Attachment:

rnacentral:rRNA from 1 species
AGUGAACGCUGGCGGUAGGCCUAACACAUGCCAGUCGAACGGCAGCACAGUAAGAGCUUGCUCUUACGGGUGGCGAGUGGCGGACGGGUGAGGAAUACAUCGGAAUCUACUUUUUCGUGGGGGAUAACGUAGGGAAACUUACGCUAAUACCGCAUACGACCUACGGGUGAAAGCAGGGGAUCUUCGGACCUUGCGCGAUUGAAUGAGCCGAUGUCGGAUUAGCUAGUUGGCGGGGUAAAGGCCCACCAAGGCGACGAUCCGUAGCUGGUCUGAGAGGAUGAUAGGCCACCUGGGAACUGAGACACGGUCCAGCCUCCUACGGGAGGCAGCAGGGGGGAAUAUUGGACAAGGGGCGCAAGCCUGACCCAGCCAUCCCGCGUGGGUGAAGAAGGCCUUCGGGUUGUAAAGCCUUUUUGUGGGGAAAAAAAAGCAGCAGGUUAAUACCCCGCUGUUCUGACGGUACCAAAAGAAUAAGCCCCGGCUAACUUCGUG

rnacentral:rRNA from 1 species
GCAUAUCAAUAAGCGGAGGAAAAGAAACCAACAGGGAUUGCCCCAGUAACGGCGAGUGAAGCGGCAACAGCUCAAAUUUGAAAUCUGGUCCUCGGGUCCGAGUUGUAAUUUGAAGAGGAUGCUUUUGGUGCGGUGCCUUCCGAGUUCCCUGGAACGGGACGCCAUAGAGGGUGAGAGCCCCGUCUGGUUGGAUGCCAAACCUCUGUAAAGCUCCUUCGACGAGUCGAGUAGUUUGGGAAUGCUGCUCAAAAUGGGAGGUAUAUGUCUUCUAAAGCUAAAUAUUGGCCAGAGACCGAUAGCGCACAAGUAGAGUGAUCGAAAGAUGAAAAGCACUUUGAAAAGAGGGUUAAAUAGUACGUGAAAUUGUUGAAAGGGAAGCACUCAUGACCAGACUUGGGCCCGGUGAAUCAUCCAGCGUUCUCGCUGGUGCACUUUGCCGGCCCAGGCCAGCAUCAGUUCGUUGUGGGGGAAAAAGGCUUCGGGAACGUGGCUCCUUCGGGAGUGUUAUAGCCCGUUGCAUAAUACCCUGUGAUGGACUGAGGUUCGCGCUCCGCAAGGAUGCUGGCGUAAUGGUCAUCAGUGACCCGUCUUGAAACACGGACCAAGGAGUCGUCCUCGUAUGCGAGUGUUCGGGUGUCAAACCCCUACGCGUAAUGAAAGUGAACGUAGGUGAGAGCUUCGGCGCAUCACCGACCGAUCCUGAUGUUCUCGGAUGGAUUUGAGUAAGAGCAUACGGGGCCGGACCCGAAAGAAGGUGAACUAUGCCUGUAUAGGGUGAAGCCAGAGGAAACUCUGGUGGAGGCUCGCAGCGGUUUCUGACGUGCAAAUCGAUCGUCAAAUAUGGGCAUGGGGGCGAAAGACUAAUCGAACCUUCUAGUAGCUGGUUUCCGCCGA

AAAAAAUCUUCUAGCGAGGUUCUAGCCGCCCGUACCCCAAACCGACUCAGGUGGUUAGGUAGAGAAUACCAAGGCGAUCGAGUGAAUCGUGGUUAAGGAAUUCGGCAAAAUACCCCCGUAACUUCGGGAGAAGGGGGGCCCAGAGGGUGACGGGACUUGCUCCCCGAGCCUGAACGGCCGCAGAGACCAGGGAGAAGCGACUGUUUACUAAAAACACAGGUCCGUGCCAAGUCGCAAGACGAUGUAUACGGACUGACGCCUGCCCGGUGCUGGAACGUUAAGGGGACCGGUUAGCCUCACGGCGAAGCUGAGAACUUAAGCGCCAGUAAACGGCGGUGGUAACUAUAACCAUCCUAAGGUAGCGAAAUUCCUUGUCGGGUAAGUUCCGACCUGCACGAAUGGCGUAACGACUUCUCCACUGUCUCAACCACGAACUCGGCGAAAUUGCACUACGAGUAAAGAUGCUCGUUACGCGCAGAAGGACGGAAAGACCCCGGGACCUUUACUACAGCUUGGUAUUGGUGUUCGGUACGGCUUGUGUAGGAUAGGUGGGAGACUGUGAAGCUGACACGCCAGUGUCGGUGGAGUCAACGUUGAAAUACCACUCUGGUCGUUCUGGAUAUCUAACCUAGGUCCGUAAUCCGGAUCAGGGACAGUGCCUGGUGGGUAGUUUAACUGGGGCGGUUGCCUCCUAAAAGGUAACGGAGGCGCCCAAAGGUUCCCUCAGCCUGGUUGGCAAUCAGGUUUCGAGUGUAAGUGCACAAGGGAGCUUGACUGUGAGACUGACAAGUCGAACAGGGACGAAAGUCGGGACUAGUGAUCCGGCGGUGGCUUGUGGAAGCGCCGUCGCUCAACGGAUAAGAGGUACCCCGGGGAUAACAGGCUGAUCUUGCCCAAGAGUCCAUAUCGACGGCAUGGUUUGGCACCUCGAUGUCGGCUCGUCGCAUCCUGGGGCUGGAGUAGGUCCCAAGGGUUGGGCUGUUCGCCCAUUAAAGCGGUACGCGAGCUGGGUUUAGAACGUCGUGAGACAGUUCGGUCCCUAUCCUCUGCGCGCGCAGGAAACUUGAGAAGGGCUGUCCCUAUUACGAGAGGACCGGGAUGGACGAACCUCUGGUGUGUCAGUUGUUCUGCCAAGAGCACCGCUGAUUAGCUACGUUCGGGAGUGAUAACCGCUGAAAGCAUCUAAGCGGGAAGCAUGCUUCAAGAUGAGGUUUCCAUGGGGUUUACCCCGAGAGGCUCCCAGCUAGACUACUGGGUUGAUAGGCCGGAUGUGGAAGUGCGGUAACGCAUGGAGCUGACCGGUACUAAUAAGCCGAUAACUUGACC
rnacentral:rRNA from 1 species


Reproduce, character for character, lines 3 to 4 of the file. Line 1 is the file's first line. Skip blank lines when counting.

rnacentral:rRNA from 1 species
GCAUAUCAAUAAGCGGAGGAAAAGAAACCAACAGGGAUUGCCCCAGUAACGGCGAGUGAAGCGGCAACAGCUCAAAUUUGAAAUCUGGUCCUCGGGUCCGAGUUGUAAUUUGAAGAGGAUGCUUUUGGUGCGGUGCCUUCCGAGUUCCCUGGAACGGGACGCCAUAGAGGGUGAGAGCCCCGUCUGGUUGGAUGCCAAACCUCUGUAAAGCUCCUUCGACGAGUCGAGUAGUUUGGGAAUGCUGCUCAAAAUGGGAGGUAUAUGUCUUCUAAAGCUAAAUAUUGGCCAGAGACCGAUAGCGCACAAGUAGAGUGAUCGAAAGAUGAAAAGCACUUUGAAAAGAGGGUUAAAUAGUACGUGAAAUUGUUGAAAGGGAAGCACUCAUGACCAGACUUGGGCCCGGUGAAUCAUCCAGCGUUCUCGCUGGUGCACUUUGCCGGCCCAGGCCAGCAUCAGUUCGUUGUGGGGGAAAAAGGCUUCGGGAACGUGGCUCCUUCGGGAGUGUUAUAGCCCGUUGCAUAAUACCCUGUGAUGGACUGAGGUUCGCGCUCCGCAAGGAUGCUGGCGUAAUGGUCAUCAGUGACCCGUCUUGAAACACGGACCAAGGAGUCGUCCUCGUAUGCGAGUGUUCGGGUGUCAAACCCCUACGCGUAAUGAAAGUGAACGUAGGUGAGAGCUUCGGCGCAUCACCGACCGAUCCUGAUGUUCUCGGAUGGAUUUGAGUAAGAGCAUACGGGGCCGGACCCGAAAGAAGGUGAACUAUGCCUGUAUAGGGUGAAGCCAGAGGAAACUCUGGUGGAGGCUCGCAGCGGUUUCUGACGUGCAAAUCGAUCGUCAAAUAUGGGCAUGGGGGCGAAAGACUAAUCGAACCUUCUAGUAGCUGGUUUCCGCCGA